A versatile design with enhanced efficiency and seaworthiness. A larger, more stable version of We-No-Nah's versatile Spirit II, the Champlain has the efficiency and capacity to haul heavy loads long distances, but is also pleasant to paddle lightly loaded. The Champlain is one of We-No-Nah's largest tandems. It also has fullness for much of its length, giving it even greater volume than its dimensions suggest. It gets excellent stability from its size, and from its shallow-arched hull, a design that is less sensitive to waves and easier for paddlers to handle. As its name implies, the Champlain is a confident craft to face big swells on vast waters.
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It is a boat that is superlative because it is NOT extreme. Bow and stern high enough to not ship water in the rapids, midships deep enough to load a lot of gear and supplies, a modest rocker to keep turns easy, flat bottom that makes skating over a gravel bar a given, not a challenge, wide and flat to stand up in to see the path through ahead, and 500 pounds of tents and supplies in the mid and bow to counter my 275 pounds in the stern seat. A truly superlative canoe, especially if you single hand.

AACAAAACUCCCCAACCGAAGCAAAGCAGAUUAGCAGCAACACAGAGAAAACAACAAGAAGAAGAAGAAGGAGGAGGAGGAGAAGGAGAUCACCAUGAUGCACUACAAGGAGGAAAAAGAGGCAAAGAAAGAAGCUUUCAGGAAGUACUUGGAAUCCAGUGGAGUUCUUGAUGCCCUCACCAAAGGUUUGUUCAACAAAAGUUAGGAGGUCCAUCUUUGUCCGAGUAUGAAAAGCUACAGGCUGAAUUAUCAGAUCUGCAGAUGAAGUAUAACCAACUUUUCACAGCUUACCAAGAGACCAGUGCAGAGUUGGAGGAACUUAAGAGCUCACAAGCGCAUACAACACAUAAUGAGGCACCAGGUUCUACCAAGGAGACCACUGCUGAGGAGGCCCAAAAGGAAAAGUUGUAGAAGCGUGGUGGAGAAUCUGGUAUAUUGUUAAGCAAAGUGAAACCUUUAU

Durable, usable, friendly, a great boat that gives every ounce of what is truly needed. I wanna try the Seneca someday!
Camping or just paddling. Works well. Kids are older now with their own kayaks now but my wife and I still enjoy our canoe. Funny story from this past weekend, I had the canoe balanced on one rail of the Yakima carrier and the hood of our Volvo to clear our tailgate so we could unload our camping gear. Our daughter pushed the canoe to get a little more room and the canoe slid off the front of the car! Stern first. Ground up the top plate a little. Took it to our local dealer when we got back and they said all was fine. Now that's a tough canoe!
We had our Champlain repaired by Wenonah and, with a couple of small exceptions; it looks like it just came off the sales floor. We jokingly call it "The Beater Canoe" because after the tree hit it, it looked like a beater. In fact now, it's anything but a beater.
My wife and I finally took "our" Champlain out for a proper spin. It was on a large mountain reservoir, just under 5000 feet in the Sierra’s. The trip included the bare necessities and a small dog (see our trip report: California, Union Valley Reservoir). We got a sampling of flat water, choppy water, wind, gusts, mixed currents, bow/quartering/broadside/stern waves (from 0 – 12”), etc. We thought we'd be sorry with such a parachute and no load or spray deck to keep it on task. It handled flawlessly.
This canoe is almost a mind reader. It takes little more than a thought and it responds. Absolutely no surprises and no acute "points of no return". Everything is predictable, manageable, and reliable.